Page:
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Homebrew MLE with a difference
There are plenty of home-grown VLEs. There are even a few MLEs built in-house. But not quite so many with their own XML e-portfolio format, and extending into blogging and/or peer-to-peer software. Why do it that way? Because "In a school, the creation of meaningful data is a social process."
Tom Hoffman's Tuttle MLE was presented at O'Reilly's Emerging Technology Conference on the 28th of April, and is still a work in progress. Not a problem really, as it mostly doesn't attempt to build everything from scratch, but judiciously arranges and tweaks existing low cost / open source software.
Currently, the heart of the system is a fairly complex hierarchy centred around standards- academic standards, that is, not technical ones. Much like the UK, these drive the academic agenda in US high schools, and present a bit of a challenge for the progressive, project based, individually oriented high school were Tuttle was developed.
The challenge, then, was to map standards up to the appropriate subjects, and down to individual units of work, preferably in such a way that different kinds of assessment could be grouped into a type, as well as similar standards into a cluster. Then some way needed to be found to allow units to be set by teachers, and associated with the right standards. Likewise, from the students' perspective, a clear path of units-to-be-done needs to be generated, and some way of getting work towards the units back to teachers for marking. And all of this arranged by class and cohort.
At the moment, most of that work is managed by some extensions to Zope, the open source web application server, and the hierarchy itself is represented in XML, using a XMLSchema Definition designed for the purpose.
One central server is not how its going to stay, though. Once all the data can be expressed in a well defined format, it becomes possible to have the essential data created and managed much closer to those who own it, and to whom it matters most: the teachers and the students.
Specifically, unit assignment writing and unit task planning and correction are core parts of the teaching and learning process, and you might well prefer to manage these tasks your own tools, rather than on "their" server. Because "they" decide what's going on the central server, while you decide what happens on your own machine, and, crucially, what comes out.
The Colloquia peer-to-peer VLE addressed quite similar concerns by doing entirely without a dedicated central server, and using email for communication between the Colloquia peers.
Tuttle's ideas for the future are subtly different: either harness existing blogging software, or use the open source Chandler Personal Information Manager (PIM) that is currently in the first betas.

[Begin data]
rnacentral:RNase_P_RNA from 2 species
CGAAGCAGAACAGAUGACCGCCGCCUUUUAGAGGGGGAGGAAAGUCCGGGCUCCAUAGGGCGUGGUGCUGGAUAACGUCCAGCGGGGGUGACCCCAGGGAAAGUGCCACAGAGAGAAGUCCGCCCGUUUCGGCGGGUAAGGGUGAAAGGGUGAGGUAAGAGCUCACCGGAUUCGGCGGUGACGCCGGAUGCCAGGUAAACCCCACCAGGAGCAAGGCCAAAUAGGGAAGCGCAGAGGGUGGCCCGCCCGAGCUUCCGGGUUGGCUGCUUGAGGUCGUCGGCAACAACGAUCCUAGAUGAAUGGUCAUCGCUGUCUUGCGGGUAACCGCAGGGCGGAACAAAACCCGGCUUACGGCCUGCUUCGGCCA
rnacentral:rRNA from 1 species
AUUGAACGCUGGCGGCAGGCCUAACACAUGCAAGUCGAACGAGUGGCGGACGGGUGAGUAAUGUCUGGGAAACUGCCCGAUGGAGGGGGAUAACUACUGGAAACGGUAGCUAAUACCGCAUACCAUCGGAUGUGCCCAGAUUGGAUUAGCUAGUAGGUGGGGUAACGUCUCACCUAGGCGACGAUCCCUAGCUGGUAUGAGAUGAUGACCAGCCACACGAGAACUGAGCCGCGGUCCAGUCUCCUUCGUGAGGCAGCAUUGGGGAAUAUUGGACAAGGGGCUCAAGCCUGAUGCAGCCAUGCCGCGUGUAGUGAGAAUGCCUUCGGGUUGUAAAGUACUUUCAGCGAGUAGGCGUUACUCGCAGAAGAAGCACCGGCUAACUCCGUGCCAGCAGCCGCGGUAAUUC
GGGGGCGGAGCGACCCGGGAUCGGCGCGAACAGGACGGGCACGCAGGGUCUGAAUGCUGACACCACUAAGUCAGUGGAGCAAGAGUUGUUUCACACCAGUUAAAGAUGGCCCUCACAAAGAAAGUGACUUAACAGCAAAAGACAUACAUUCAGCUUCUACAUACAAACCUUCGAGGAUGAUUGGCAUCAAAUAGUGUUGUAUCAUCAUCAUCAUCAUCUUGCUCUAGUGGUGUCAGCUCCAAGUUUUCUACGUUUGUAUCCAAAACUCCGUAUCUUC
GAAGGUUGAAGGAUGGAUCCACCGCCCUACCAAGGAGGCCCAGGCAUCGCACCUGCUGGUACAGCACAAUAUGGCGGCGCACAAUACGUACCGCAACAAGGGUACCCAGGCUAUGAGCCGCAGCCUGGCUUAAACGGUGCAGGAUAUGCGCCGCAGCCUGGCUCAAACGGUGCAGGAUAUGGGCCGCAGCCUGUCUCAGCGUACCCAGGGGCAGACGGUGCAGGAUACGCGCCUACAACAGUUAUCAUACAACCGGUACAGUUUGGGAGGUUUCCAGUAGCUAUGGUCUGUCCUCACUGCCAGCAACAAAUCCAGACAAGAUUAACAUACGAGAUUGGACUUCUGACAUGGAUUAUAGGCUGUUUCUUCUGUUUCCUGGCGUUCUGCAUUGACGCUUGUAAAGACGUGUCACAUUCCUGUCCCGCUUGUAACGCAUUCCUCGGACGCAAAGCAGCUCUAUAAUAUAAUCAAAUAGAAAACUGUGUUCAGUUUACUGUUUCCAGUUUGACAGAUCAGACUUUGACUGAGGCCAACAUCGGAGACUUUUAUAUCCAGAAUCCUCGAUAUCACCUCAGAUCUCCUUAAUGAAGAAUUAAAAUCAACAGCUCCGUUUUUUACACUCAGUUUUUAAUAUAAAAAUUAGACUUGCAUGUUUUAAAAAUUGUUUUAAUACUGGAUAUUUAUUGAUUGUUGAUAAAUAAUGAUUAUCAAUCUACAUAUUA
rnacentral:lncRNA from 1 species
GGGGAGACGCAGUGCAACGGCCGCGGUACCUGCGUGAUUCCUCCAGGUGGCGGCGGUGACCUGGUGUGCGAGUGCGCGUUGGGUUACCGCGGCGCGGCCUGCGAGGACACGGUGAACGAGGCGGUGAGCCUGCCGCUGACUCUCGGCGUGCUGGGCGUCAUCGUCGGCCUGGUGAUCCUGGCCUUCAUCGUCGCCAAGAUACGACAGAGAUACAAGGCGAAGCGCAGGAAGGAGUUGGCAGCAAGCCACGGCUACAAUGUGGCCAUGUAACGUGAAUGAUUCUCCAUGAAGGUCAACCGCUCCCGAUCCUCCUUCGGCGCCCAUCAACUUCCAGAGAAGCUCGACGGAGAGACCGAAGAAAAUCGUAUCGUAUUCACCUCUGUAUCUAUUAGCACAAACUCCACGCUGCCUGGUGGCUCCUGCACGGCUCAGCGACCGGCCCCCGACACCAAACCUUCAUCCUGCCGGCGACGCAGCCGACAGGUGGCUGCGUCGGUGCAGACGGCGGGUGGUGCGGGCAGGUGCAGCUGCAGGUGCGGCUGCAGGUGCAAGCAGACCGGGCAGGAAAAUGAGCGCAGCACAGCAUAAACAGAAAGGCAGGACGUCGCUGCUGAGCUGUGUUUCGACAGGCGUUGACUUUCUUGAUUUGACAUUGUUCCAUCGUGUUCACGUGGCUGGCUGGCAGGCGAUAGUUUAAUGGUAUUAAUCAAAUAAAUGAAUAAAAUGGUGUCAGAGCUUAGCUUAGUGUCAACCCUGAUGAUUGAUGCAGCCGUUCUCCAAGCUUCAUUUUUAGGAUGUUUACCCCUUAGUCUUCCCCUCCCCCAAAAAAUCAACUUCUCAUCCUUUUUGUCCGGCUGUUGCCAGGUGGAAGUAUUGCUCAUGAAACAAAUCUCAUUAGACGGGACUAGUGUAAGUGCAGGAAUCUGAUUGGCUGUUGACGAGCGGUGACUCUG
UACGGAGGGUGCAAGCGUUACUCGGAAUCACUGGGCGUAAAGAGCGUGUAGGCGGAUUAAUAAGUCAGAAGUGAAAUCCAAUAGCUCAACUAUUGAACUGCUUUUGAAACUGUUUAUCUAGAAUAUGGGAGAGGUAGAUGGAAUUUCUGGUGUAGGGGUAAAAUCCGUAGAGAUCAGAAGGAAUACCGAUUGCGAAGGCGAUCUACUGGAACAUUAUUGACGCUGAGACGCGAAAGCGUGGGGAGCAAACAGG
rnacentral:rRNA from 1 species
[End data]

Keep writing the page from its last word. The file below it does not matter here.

The advantage of using Blogging software like Radio Userland or the open source Python Desktop and Community servers is that they combine the personal ownership element of a desktop application with the universality of the web. This is quite literal: the Python Desktop server is a simple 'web desktop' that runs on your own machine, both on-line and off-line, and can be customised to do what you want, they way you want it. Once you're done blogging, your content can be synchronised to a community server that makes sure the stuff remains accessible to other people even if you're offline. Yet because it is all web-based, it is easy to integrate it with central content management servers using technologies like RSS with traceback or XML-RPC.
The Chandler option is the more radical peer-to-peer solution. As Tom has already pointed out; Chandler is similar to Colloquia, but more of a PIM than groupware. In a sense, it is even more personal, since it provides access to your email, your contacts, your calendar and lots of other things that are significant to your whole life, and not just formal learning. But you can also reverse that: Chandler maybe a very good way of integrating learning into all other aspects of your on-line life.
Another point where the Tuttle work might have wider significance lies in the FHSStandardDocument XMLSchema. It's first role is to support a library of school-wide academic standards. This means that it could function as a kind of structured representation of what an educational institution has to offer. Something like that is exactly what's needed for the kind of curriculum negotiation pattern that Scott Wilson and Bill Olivier propose.
In a nutshell, if a student has a Personal Development Profile (expressed in IMS LIP) that sums up both their achievements and aspirations, a representation of the school's course offerings (expressed in something like FHSStandardDocument) could be used to negotiate what courses a student could most benefit from. Not as a way to facilitate automagic course planning by an MLE, but more as a way of facilitating the discussion between a student and a tutor. Helping to suggest opportunities, and narrowing down course options to what's possible or desirable.
What Tuttle demonstrates above all, is how much can be achieved by close observation of the social dynamics of an organisation, and then judiciously tweaking and extending the technology that is supposed to support those people. Not by re-inventing the wheel, but by making maximal use of the increasingly sophisticated open source tools that are becoming available.
There's a list of resources related to Tuttle at Ben Ryan's blog. Tuttle's creator isTom Hoffman. There's an abstract of his talk at the E-tech conference atO'Reilly's.
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